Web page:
Monday, September 10, 2012

"What To Do When There's Nothing New"

                      Well now, we've all been here before. I've been researching an ancestor for quite a while (over a year). I've poured over census records, birth, death, books, naturalization, and specialty records. I've contacted historical societies in all surrounding areas. I've called and interviewed every living relative on numerous occasions. I've searched all of the surrounding families according to the multiple census records (Federal and State). Still at this point, the only records I have are secondary resources. I've made a clear and convincing case; although, the perfectionist in me doesn't want to let go. I'll explain in greater detail below how to use Anthropology as a Genealogy resource.




  1. The study of humankind, in particular.
  2. The comparative study of human societies and cultures and their development.
More info »Wikipedia - - - Merriam-Webster 
Source of definition:

              Luckily, I have a portrait of my difficult to brick-wall to evaluate his physical characteristics
                    The photo I have, was taken in the (Davidson County) Tennessee area, in around ~1850, dark hair, dark eyes, medium build, substantial high hairline, and low cheek bones, as well as a prominent jaw line. Let me walk you through this and my photo is at the bottom to compare with my findings.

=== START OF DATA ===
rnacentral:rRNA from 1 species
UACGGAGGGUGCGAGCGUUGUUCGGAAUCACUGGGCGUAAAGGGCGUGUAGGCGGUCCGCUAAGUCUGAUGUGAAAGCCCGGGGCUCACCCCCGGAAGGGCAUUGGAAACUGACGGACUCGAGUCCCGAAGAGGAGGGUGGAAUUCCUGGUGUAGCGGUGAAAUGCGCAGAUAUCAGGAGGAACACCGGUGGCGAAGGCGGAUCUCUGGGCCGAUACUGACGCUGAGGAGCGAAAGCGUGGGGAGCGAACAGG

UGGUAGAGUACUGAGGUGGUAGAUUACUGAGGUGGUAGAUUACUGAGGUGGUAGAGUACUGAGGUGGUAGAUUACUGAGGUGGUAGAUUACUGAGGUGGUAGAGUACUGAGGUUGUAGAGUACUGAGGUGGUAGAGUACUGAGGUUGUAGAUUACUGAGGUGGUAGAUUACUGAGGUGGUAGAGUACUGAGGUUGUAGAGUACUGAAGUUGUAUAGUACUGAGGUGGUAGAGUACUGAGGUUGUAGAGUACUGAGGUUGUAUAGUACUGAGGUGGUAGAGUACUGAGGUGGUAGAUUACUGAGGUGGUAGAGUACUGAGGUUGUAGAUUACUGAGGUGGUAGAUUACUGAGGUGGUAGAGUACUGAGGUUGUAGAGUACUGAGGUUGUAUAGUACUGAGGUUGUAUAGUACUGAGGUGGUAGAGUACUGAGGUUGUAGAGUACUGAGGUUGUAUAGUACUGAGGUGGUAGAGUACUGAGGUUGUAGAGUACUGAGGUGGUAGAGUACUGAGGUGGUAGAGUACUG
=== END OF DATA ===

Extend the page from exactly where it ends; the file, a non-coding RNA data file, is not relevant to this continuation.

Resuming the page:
Germanic Phenotypes(Borrebys)

Mostly unreduced, brachycephalized, and depigmented Upper Paleolithic survivor of Cro-Magnoid stock, related to Dalo-Falid and Brünn on one hand and Alpinid on the other. The affiliation is essentially with the former, but a partial process of alpinization establishes an evolutionary relation to the latter. The southern and south-western border with fully alpinized central Europeans is blurry, and has resulted in a number of local intermediate types, such as the Belgian "Walloons type".

Modern Borrebys are derived, historically, from the old northwestern European coastal fishing population. In many places, such as the Norwegian coastal district of Jæren, Borrebys seem to have been among the first humans to settle permanently, during the late Mesolithic.

In modern times the Borreby type is found nowhere as a true population, except perhaps in Jæren and on the island of Fehmarn, off the German coast, where it exists in relative purity. Elsewhere it is strongly diluted with other elements.

Germanic Phenotypes(Borrebys)
            This is the closest match that I personally have observed, below is my ancestor
My Great Great Grandfather, "William Riley Rediker I"

                    If anyone try's this and likes it, please let me know I would love to hear any thoughts.